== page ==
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21st Century College English: Book III Unit 4: Part A College Pressures Unit 4 Part A • Pre-Reading Activities • Text A: Language Points • Exercises • Assignment College Pressure Pre-reading Activities 1. As you listen to the passage, fill in as much information as you can about Annette’s plans. Friday evening: work on history paper at the library During the coming finish history paper, prepare for month: economics test, finish reading assignments for government class and start next term’s readings Next term: concentrate on sociology and management In the fall: ??? [unspecified in the passage] Next spring: have a nervous breakdown Pre-reading Activities Answer the Question 2. How did you feel while you were listening to Annette? What was it like trying to keep up with her? How do students like Annette make you feel? Script Script Pre-reading Activities Brad: Brad: [interrupting Some of us down, Annette! You’re just play on Hi Annette! ]: Whoa, sloware going to see that new wearing yourself out! You’re for a pizza afterwards. Do you feel Friday, and then outgoing to have a nervous breakdown! like going? Annette [still sounding mindless]: Oh, that’s okay — I’ve scheduled in Annette: I’d love to, Brad, but I have to finish this paper for history time for a nervous breakdown during the spring term next class. I planned to spend Friday evening at the library. year. Brad: Annette, that paper isn’t due for a month! Annette [talking faster and faster, sounding more and more mindless]: But there’s test in economics that same week. I have to get the history paper out of the way so I can start preparing for that. Plus I have to finish the reading assignments for government class for this term so I can start on the readings for next term. That way I can concentrate on sociology and management next term and hopefully get far enough ahead so that in the fall I won’t have to … Language Points Text A College Pressures Language Points College Pressures By William Zinsser 1 I am master of Branford College at Yale. I live on the campus and know the students well. (We have 485 of them.) I listen to their hopes and fears — and also to their stereo music and their piercing cries in the dead of night (“Does anybody care?”). They come to me to ask how to get through the rest of their lives. Language Points 2 Mainly I try to remind them that the road ahead is a long one and that it will have more unexpected turns than they think. There will be plenty of time to change jobs, change careers, change whole attitudes and approaches. They don’t want to hear such news. They want a map — right now — that they can follow directly to career security, financial security, social security and, presumably, a prepaid grave. Language Points 3 What I wish for all students is some release from the grim grip of the future. I wish them a chance to enjoy each segment of their education as an experience in itself and not as a tiresome requirement in preparation for the next step. I wish them the right to experiment, to trip and fall, to learn that defeat is as educational as victory and is not the end of the world. Language Points 4 My wish, of course, is naive. One of the few rights that America does not proclaim is the right to fail. Achievement is the national god, worshipped in our media — the million-dollar athlete, the wealthy executive — and glorified in our praise of possessions. In the presence of such a potent state religion, the young are growing up old. Language Points 5 I see four kinds of pressure working on college students today: economic pressure, parental pressure, peer pressure, and self-induced pressure. It’s easy to look around for bad guys — to blame the colleges for charging too much money, the professors for assigning too much work, the parents for pushing their children too far, the students for driving themselves too hard. But there are no bad guys, only victims. Language Points 6 Today it is not unusual for a student, even one who works part time at college and full time during the summer, to have accumulated $5,000 in loans after four years — loans that the student must start to repay within one year after graduation (and incidentally, not all these loans are low-interest, as many non-students believe). Encouraged at the commencement ceremony to go forth into the world, students are already behind as they go forth. How can they Language Points not feel under pressure throughout college to prepare for this day of reckoning? Women at Yale are under even more pressure than men to justify their expensive education to themselves, their parents, and society. For although they leave college superbly equipped to bring fresh leadership to traditionally male jobs, society hasn’t yet caught up with this fact. Language Points 7 Along with economic pressure goes parental pressure. Inevitably, the two are deeply intertwined. I see students taking premedical courses with joyless determination. They go off to their labs as if they were going to the dentist. It saddens me because I know them in other corners of their life as cheerful people. Language Points 8 “Do you want to go to medical school?” I ask them. 9 “I guess so,” they say, without conviction, or, “Not really.” 10 “Then why are you going?” 11 “My parents want me to be a doctor. They’re paying all this money and …” Language Points 12 Peer pressure and self-induced pressure are also intertwined, and they begin from the very start of freshman year. “I had a freshman student I’ll call Linda,”one instructor told me, “who came in and said she was under terrible pressure because her roommate, Barbara, was much brighter and studied all the time. I couldn’t tell her that Barbara had come in two hours earlier to say the same thing about Linda.” Language Points 13 The story is almost funny — except that it’s not. It’s a symptom of all the pressures put together. When every student thinks every other student is working harder and doing better, the only solution is to study harder still. I see students going off to the library every night after dinner and coming back when it closes at midnight. I wish they could sometimes forget about their peers and go to a movie. I hear the rattling of typewriters in the hours before dawn. I see the tension in their eyes when exams are approaching and papers are due: “Will I get everything done?” Language Points 14 Probably they won’t. They will get sick. They will sleep. They will oversleep. They will bug out. 15 I’ve painted too grim a portrait of today’s students, making them seem too solemn. That’s only half of their story; the other half is that these students are nice people, and easy to like. They’re quick to laugh and to offer friendship. They’re more considerate of one another than any student generation I’ve ever known. If I’ve described Language Points them primarily as driven creatures who largely ignore the joyful side of life, it’s because that’s where the problem is — not only at Yale but throughout American education. It’s why I think we should all be worried about the values that are nurturing a generation so fearful of risk and so goal-obsessed at such an early age. Language Points 16 I tell students that there is no one “right” way to get ahead — that each of them is a different person, starting from a different point and bound for a different destination. I tell them that change is healthy and that people don’t have to fit into pre-arranged slots. One of my ways of telling them is to invite men and women who have achieved success outside the academic world to come and talk informally with my students during the year. I invite heads of companies, editors of magazines, Language Points politicians, Broadway producers, artists, writers, economists, photographers, scientists, historians — a mixed bag of achievers. 17 I ask them to say a few words about how they got started. The students always assume that they started in their present profession and knew all along that it was what they wanted to do. But in fact, most of them got where they are by a circuitous route, after many side Language Points trips. The students are startled. They can hardly conceive of a career that was not preplanned. They can hardly imagine allowing the hand of God or chance to lead them down some unforeseen trail. get through — manage to live through (a period of time during which something unpleasant is happening) e.g. Translate 他们 帮我渡过 了那段辛酸的日子。 How do they ever get through Siberian winters? Key They helped me to get through those miserable days. in itself — in its own nature; intrinsically e.g. Translate 问题 本身倒并不很重要，但其长远 影响可能是重大的。 1) The design was not in itself bad. KeyThe plan wasn’t illegal in itself, but it would lead to 2) someproblem practices. The doubtful is unimportant in itself but its long term effects could be very serious. trip vi. — (~ over/up) knock one’s foot against something when walking and lose balance so that one falls or nearly falls e.g. Translate She tripped over 1) 她让 猫绊 了一跤。a stone. 2) Key He tripped and fell, tearing a hole in his trousers. She tripped over the cat and fell. day of reckoning — time when a person pays or when he is punished for things that he has done wrong Cf. reckon and calculate Translate e.g. Both reckon and calculate mean “determine 别 看你现 在逍遥，将来会遭报应 的。 1) We tried mathematically”, reckoning. something to put off the day of but reckon usually Key connotes simpler mathematical process, especially 2) The day be carried yourself now, him. a day of You’re enjoying on in come for or such as can of reckoning has one’s headbut aided by the use of a counting device, while calculate is usually reckoning will come. preferred when highly advanced, complex processes are followed with precision and care and when the result arrived at is not readily proven by measuring. catch up with — reach (and sometimes overtake) (sb. Who is ahead); (in competition, trade, standard, etc.) become equal to e.g. Translate 1) 他因病一学期未上课 ，得努力赶上（其他同学）。 Will Western industry ever catch up with Japanese Key innovations? After missing a term through illness he had to 2) They haven’t caught up yet with the latest styles. work hard to catch up (with the others). go along with — be found together with Paraphrase: e.g. Translate Along with economic pressure goes parental pressure. 事实证 health often goes along with old 1) Failing 明，成功总 是和勤奋 分不开的。 age. Key Parental proved that success always goes rising gone along with 2) Increased unemployment hastogether with economic It is pressure takes place with prices all pressure. over the world. diligence. except that — (used to introduce a statement which states or implies something contrary to the preceding one) only that, but that e.g. Paraphrase: Translate is almost funny — 记 得他的头发 是黑的。 The story他）什么都不记 得，只except that it’s not. 她 （对 1) Key It couldn’t have happened except that it did. She story (about Linda and Barbara thinkingthat TheSheremembered nothing (about him) except was 2) would have protested except that she that his hair was black. each is working harder and doing better than the afraid. other) sounds somewhat funny, but in fact it’s not funny. that’s only half of their story — That’s only part of the situation with the students. e.g. If you say something is only half of the story, or part of the story he told us yesterday is only half that there are 1) What or not the whole story you meanthe story; there are more that concerned known in than to more details peopleneed to be in this affairorder he understand the situation. knows about. 2) These figures gave only part of the story. obsess vt. — fill the mind of (sb.) continually and make thinking about anything else difficult Paraphrase: e.g. Translate the values that are nurturing a generation so fearful of 她总觉 得受人监视 而心神不宁。 risk and so of death obsessed her throughout her old 1) The fear goal-obsessed at an early age Keyage. social principles with the idea that she was being theShe was obsessed with the idea that she generation 2) She was obsessed that are bringing up awas going watched. so afraid of taking risks and so excessively concerned to die. about their future career when so young a mixed bag — a thoroughly varied mixture (of people or things) e.g. 1) Jane invited a mixed bag of people to her party. 2) The songs on this record are (quite) a mixed bag. get started — begin e.g. 1) When can we get started? 2) It’s time we got started on the washing up. Text-related information Brandford College at Yale Brandford College is one of the oldest of Yale university’s twelve residential colleges. It opened its doors in the start of the academic year in 1933. Text-related information Social Security Social security generally refers to all measures established by legislation to maintain individual to family income at certain levels, to assure income if employment is lost, and to provide a great number of benefits covered by other programs. These benefits may include maternity payments, cash for medical needs, legal aid, compensation for crop failure, and funeral expenses. Text-related information Broadway Broadway is one of the principal business thoroughfares of New York City, extending in a generally north-south direction. Laid out in the early 17th century by the Dutch, Broadway grew in length as the city developed from a small settlement on the southern tip of Manhattan Island. It now extends 27 km (17 mi) to the city’s northern boundary in the Bronx. Broadway forms the central thoroughfare of More to learn Text-related information New York City’s theater district. This stretch is one of the most highly concentrated entertainment centers in the United Stats, and includes official Broadway theaters, smaller off-Broadway playhouses, movie theaters, restaurants, and bars. Also located on Broadway are Lincoln Center for the Performing Arts and Columbia University (1754). More to learn Text-related information Women enter the Broadway Theater in Denver, Colorado. One woman wears a short fur coat, hat and evening dress. The Broadway Theater opened in 1890 on 18th and Broadway Avenues. It was demolished in 1955. More to learn Text-related information A book: Broadway Theatres, an introduction of the history of Broadway. Comprehension change jobs, change careers, change whole attitudes and approaches Do you know the difference between “change Paraphrase: “change careers”? jobs” and take another job, begin a new career, adopt an Someone’s career is and approach entirely different attitude the series of jobs that they have in their life, esp. in the same area of work. So, if a teacher quits teaching in one school and starts teaching in another, he changes his jobs, but if he quits teaching at all and starts running a business, he changes his career. Comprehension Achievement is the national god, worshipped in our media … and glorified in our praise of possessions. Success is greatly admired by the whole country, highly respected in newspapers, on radio and television … and strongly praised in our approval of wealth. Comprehension to justify their expensive education to … to prove to … that it is right for them to receive such an expensive education; to show to … that they can perform as well as or even better than men for the expensive education they’ve received Comprehension as if they were going to the dentist as if they were going to suffer Having one’s teeth treated often causes a lot of pain, and going to the dentist is never a pleasant experience. So students who study medicine under parental pressure feel as if they were going to the dentist when they have to go to their labs. Comprehension when … papers are due when … it is time to hand in papers Comprehension easy to like = easy to be liked Comprehension they … knew all along that it was what they wanted to do they … knew from the very beginning that it (their present profession) was the profession they wanted to follow self-induced — caused or brought about by oneself self-imposed decided by yourself self-indulgent allowing yourself to have or do anything that you enjoy self-inflicted (of something bad) done to yourself go force (into) — set out Could you make a sentence by yourself? be bound for — intending to go to; going to e.g. These two young musicians are bound for international success. conceive of — think of e.g. He couldn’t conceive of a time when he would have no job. I find it hard to conceive of such cruelty. Exercises • Comprehension • Vocabulary • Listening Comprehension 《读写教程 III》: Ex. II, p. 90 Comprehension 1. Who is the author? Why does he begin the text by explaining who he is? Key: He is master of Brandford College at Yale University. He introduces himself to let us know that he’s an expert on the subject of students, how they live, what they think about, etc. Relevant to: Para. 1 Comprehension 2. Why don’t students like the author’s vision of their future? Key: They feel a need for certainty and security, and he predicts many unexpected changes. Relevant to: Para. 2 Comprehension 3. In the author’s opinion, what attitude should students have toward their education? Key: He wishes they saw it as an end in itself, not as preparation for a next step. Relevant to: Para. 3 Comprehension 4. What does the author mean by “such a potent state religion”(Para. 4)? What does he mean by “the young are growing up old”? Key: The “potent state religion” is the pressure to achieve material success. He apparently feels it’s unnatural for young people to feel this pressure so strongly, or to take such an interest in material success. Relevant to: Para. 4 Comprehension 5. What kinds of pressure does the author see affecting students? Key: Economic pressure, parental pressure, peer pressure and self-induced pressure. Relevant to: Para. 5 Comprehension 6. Why is economic pressure “inevitably intertwined” with parental pressure? Key: Because parents are almost always supporting students financially, at least in part; and anyway they all expect their kids to “make something of themselves”. Relevant to: Para. 7-11 Comprehension 7. Why are peer pressure and self-induced pressure “also intertwined”? Key: Because students compare themselves with one another. Relevant to: Para. 13 Comprehension 8. What does the author see as the effect of all the different kinds of pressure? Key: He sees the students worrying themselves sick over the perceived competition, not taking enough time to relax, having nervous breakdowns and generally not enjoying their studies in the way he wishes they would. Relevant to: Para. 14 Comprehension 9. Does the author consider the problems he describes typical of every generation of students, or only of this particular generation? Key: He apparently feels that this particular generation is particularly afflicted with the problems he describes. Relevant to: Para. 15 Comprehension 10. What does he hope the students will learn from the “mixed bag of achievers” that he invites to talk with his students? Key: He hopes they’ll learn that change is healthy and that people don’t have to fit into pre-arranged slots. Relevant to: Para. 17 Vocabulary • Vocabulary Ex. III Ex. IV Ex. V • Vocabulary Power Games Ex. VII Vocabulary 《读写教程 III》: Ex. III, p. 90 Vocabulary III. Fill in the blanks with the words given below. Change the form where necessary. presumably pierce grip segment grim inevitable potent incidentally conviction solemn commence induce reckon equip 1. When every student imagines that every other student is working harder and doing better, stress is the _____ result. inevitable 2. It is my firm _____ that violence is never a reasonable solution to conflict. conviction Vocabulary III. Fill in the blanks with the words given below. Change the form where necessary. presumably pierce grip segment grim inevitable potent incidentally conviction solemn commence induce reckon equip 3. Everyone jumped up when a _____ scream suddenly broke the silence. piercing 4. In many cultures a memorial service is a joyful celebration, not a _____ event. solemn Vocabulary III. Fill in the blanks with the words given below. Change the form where necessary. presumably pierce grip segment grim inevitable potent incidentally conviction solemn commence induce reckon equip 5. The recession has put increasing pressure on the job market, so employment prospects for this year’s graduates are unfortunately rather _____. grim 6. If you keep too firm a _____ on your children, they’ll never learn to think for themselves. grip Vocabulary III. Fill in the blanks with the words given below. Change the form where necessary. presumably pierce grip segment grim inevitable potent incidentally conviction solemn commence induce reckon equip 7. I don’t know what _____ Alfred to read your letter. _____ he thought it was addressed to him. induced, Presumably 8. What are you thinking of!? This medicine is much too _____ for a small child! potent Vocabulary III. Fill in the blanks with the words given below. Change the form where necessary. presumably pierce grip segment grim inevitable potent incidentally conviction solemn commence induce reckon equip 9. A large _____ of the population — ______ at about 20% — still takes spirit-worship (神灵崇拜) seriously. segment, reckoned 10. Before going on a camping trip, it’s wise to make sure you’re well _____ for a wide range of emergencies. equipped Vocabulary III. Fill in the blanks with the words given below. Change the form where necessary. presumably pierce grip segment grim inevitable potent incidentally conviction solemn commence induce reckon equip 11. As soon as the director left the room, Sam _____ to entertain us with his wild stories. commenced 12. I talked to Alice last week — _____, has she returned the book you lent her? I’d like to borrow it, if you don’t mind. incidentally Vocabulary 《读写教程 III》: Ex. IV, p. 91 Vocabulary IV. Rescue these sentences! Our underachieving student tried to use an expression from the text in each of the following sentences, but he got all the prepositions or adverbs mixed up — and this time he’s made other mistakes as well. Correct all the sentences, using expressions from the text, then put definitions or synonyms of the corrected expressions in the spaces provided. Vocabulary • The professor is often seen strolling around the campus * at deep night. correct form: in the dead of night definition: very late at night Vocabulary 2. In a crowded dormitory it’s especially important to *considerate for other people’s needs and feelings. correct form: be considerate of definition: care about Vocabulary 3. The end of the movie didn’t surprise me — I knew *all away who the murderer was. correct form: all along synonym: from the start Vocabulary 4. After her husband’s death, *fearsome for what the future would bring, Barbara closed the family business and went to work in a bank. correct form: fearful of synonym: anxious about Vocabulary 5. Please excuse my irritability. I’ve been *around too many pressures at work lately. correct form: under too much pressure definition: stressed by too many worries Vocabulary 6. None of Lucy’s usual methods for attracting attention *were work for the professor. correct form: worked on synonym: affected, influenced Vocabulary 7. It’s hard *conceiving in a culture where smell or touch are more important than sight. correct form: to conceive of synonym: to imagine Vocabulary 8. If he doesn’t find some time to relax a little, I’m afraid he’s going to *bug it up. correct form: bug out synonym: go crazy Vocabulary 《读写教程 III》: Ex. V, p. 92 Vocabulary V. Use the words or phrase in the box — and your imagination! — to briefly complete the thoughts below. You don’t have to use all the words, and your answers can be more than one sentence, but make sure you include at least one of the words in each sentence you write. get through a mixed bag go forth in itself campus ceremony cheerful circuit dentist grave presume preparation slot trail typewriter wealthy Vocabulary get through a mixed bag go forth in itself campus ceremony cheerful circuit dentist grave presume preparation slot trail typewriter wealthy • The biggest difference between today’s university students and those ten or twenty years ago is … • Before I started my studies, I didn’t expect that being a student would mean … • If I were the Minister of Education, I’d … Vocabulary Now, please share your imagination with your partner. And after it, we are eager to enjoy your splendid mind sparks if you think it is really unusual! Vocabulary Power Games 《读写教程 III》: Ex. VII, p. 93 Vocabulary Power Games VII. The vocabulary power games all focus on syllabus words — some new, some familiar. We’ve divided them into Band 4 and Band 6 words, so you can choose which set you want to learn. But it’s your responsibility to learn them. Have fun! Odd Men with Foreign Accents All the syllabus words in this game are English words, but they’re taken directly from foreign languages. Which are new syllabus words? What language is each set from? And which word in each set is Odd Man Out? Vocabulary Power Games Odd Men with Foreign Accents All the syllabus words in this game are English words, but they’re taken directly from foreign languages. Which are new syllabus words? What language is each set from? And which word in each set is Odd Man Out? Band 4 set one: audio, campus, media, nucleus, via, virus Band 4 set two: amateur, antique, avenue, cafe, menu Band 6 set one: apparatus, bonus, census, stimulus, versus Band 6 set two: corps, entrepreneur, plateau Vocabulary Power Games Band 4 set one: audio, campus, media, nucleus, via, virus Band 4 set two: amateur, antique, avenue, cafe, menu Band 6 set one: apparatus, bonus, census, stimulus, versus Band 6 set two: corps, entrepreneur, plateau Please fill in the following blanks. 1. New syllabus words: Band 4: audio 听觉 的, media 传 播媒介, nucleus 核心, via 经过 , virus 病毒, antique 古老的 Band 6: apparatus 器械, bonus 奖 金, census 人口普查 , stimulus 刺激, versus 以…为对 手, corps 部队 , entrepreneur企业 家, plateau 高原 Vocabulary Power Games Band 4 set one: audio, campus, media, nucleus, via, virus Band 4 set two: amateur, antique, avenue, cafe, menu Band 6 set one: apparatus, bonus, census, stimulus, versus Band 6 set two: corps, entrepreneur, plateau 2. Words from foreign origin: Band 4 set one: from Latin origin Band 4 set two: from French origin Band 6 set one: from Latin origin Band 6 set two: from French origin Vocabulary Power Games Band 4 set one: audio, campus, media, nucleus, via, virus Band 4 set two: amateur, antique, avenue, cafe, menu Band 6 set one: apparatus, bonus, census, stimulus, versus Band 6 set two: corps, entrepreneur, plateau 3. Odd Man Out Band 4 set one: Obvious Odd Men Out are: 1) via , since it’s a preposition; 2) media , because it’s a plural; 3) campus , which is not a new word. Vocabulary Power Games Band 4 set one: audio, campus, media, nucleus, via, virus Band 4 set two: amateur, antique, avenue, cafe, menu Band 6 set one: apparatus, bonus, census, stimulus, versus Band 6 set two: corps, entrepreneur, plateau 3. Odd Man Out Band 4 set two: Obvious Odd Men Out are: 4) antique , for it doesn’t end in a vowel sound. Vocabulary Power Games Band 4 set one: audio, campus, media, nucleus, via, virus Band 4 set two: amateur, antique, avenue, cafe, menu Band 6 set one: apparatus, bonus, census, stimulus, versus Band 6 set two: corps, entrepreneur, plateau 3. Odd Man Out Band 6 set one: Obvious Odd Men Out are: 1) versus , since it’s a noun; 2) stimulus , because its plural form is Latin style. Vocabulary Power Games Band 4 set one: audio, campus, media, nucleus, via, virus Band 4 set two: amateur, antique, avenue, cafe, menu Band 6 set one: apparatus, bonus, census, stimulus, versus Band 6 set two: corps, entrepreneur, plateau 3. Odd Man Out Band 6 set two: Obvious Odd Men Out are: 1) corps , which is the only one-syllable words; 2) entrepreneur , the only word of more than tow syllables. Listening 《听说教程 III》: Ex. 2.2, p. 46 Listening Pre-listening Activity: You may want to know the following words. leave school, university, etc drop out (of school) without finishing one’s courses 退学 (infml) live in a lively and live it up extravagant way 狂欢，纵情作 乐 Listening Listening Activity: You are going to hear different viewpoints about what students think today. Then, have an oral practice. Script Script Oral Practice Oral Practice Listening Oral Practice In the previous discussion three of the four speakers use the same expression to present their counter-arguments: I disagree. Now, prepare your counter-arguments, the following expressions could help you to express your disagreement. Listening No, it isn’t / wasn’t. I never … But it can’t be … I wouldn’t go along with you there. You’re wrong. I don’t / wouldn’t agree. It certainly isn’t / wasn’t. That’s not true. Discussion Listening Discussion Topic for Discussion • Does school teach you anything about life? If so, what do you learn about life in school? If not, what was most useful to you for learning about life? • Do you have to work hard in school or is school easy for you? Do you think you are a good student? • If you could change one thing about your school life, what would you change? Why? • Which of the above four viewpoints is closest to your own? Listening B: I disagree. The students I talk about plenty ofsituation. A: Students these days don’t care to pay education.attention D: Students don’t know wouldn’t All they C: disagree. The students I appreciate their drop out. They don’t in fact that They get have when are the They’re too comfortable.their university years theyrun care about isrealizekind of job they’llall the money they to society — what they’re sure they know how to got needof school. They don’t have anysmarterhave. their out world. They’re carefree time they’llinterest in better the from their parents and they’re ever and They happiest and most convincedfrom scholarships; they live feel so their fancy than anyone own problems and it upmore competentcampuses; think they can get after majors, only in the salary they andelse in the world — and on overwhelmed by their they hardly have to do any work to stay in school. enjoyknow have allgot a they graduate. They don’t even Theythem that they’re it especially that teachers. They already students the difficulties their it never occurs to beingthey’ve — I million That’s why than jobs point in without made. times better off good most of the people in the bet if they could get they see no right now,learning: answers. diplomas, 90% of them would drop out at once. rest to they’re sure they pay enough everything the world. They don’talready knowattention to there is of know. society. All they think about is themselves. Assignment Assignment 1. Review Text A 2. Do exercises: • Structure (Ex.VIII, p.93) • Cloze (Ex. IX, p. 94) • Translation (Ex. X & XI, p. 94-95)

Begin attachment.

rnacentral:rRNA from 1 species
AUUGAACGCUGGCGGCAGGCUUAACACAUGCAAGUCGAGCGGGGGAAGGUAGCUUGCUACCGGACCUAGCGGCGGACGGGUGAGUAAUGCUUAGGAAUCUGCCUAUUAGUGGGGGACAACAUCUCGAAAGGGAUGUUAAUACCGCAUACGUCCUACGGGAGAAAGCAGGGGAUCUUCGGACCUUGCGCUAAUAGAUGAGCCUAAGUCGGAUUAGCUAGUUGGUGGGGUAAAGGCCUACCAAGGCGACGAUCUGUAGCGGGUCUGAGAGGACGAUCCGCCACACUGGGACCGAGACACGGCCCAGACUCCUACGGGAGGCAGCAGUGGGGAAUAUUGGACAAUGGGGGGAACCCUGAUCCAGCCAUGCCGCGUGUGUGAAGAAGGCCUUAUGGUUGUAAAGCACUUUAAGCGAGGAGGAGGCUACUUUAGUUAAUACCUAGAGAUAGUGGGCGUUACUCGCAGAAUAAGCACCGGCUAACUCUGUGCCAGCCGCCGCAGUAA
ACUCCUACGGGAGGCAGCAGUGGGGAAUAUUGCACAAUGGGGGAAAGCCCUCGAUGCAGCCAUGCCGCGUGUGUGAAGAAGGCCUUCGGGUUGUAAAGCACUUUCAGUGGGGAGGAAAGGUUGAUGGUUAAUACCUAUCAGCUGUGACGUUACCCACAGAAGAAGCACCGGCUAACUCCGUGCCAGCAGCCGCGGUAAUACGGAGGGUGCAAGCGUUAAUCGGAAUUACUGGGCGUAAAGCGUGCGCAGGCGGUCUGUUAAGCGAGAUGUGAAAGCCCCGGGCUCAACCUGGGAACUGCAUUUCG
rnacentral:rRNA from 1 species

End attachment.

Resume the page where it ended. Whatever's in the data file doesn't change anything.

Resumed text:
"Band 4 set one"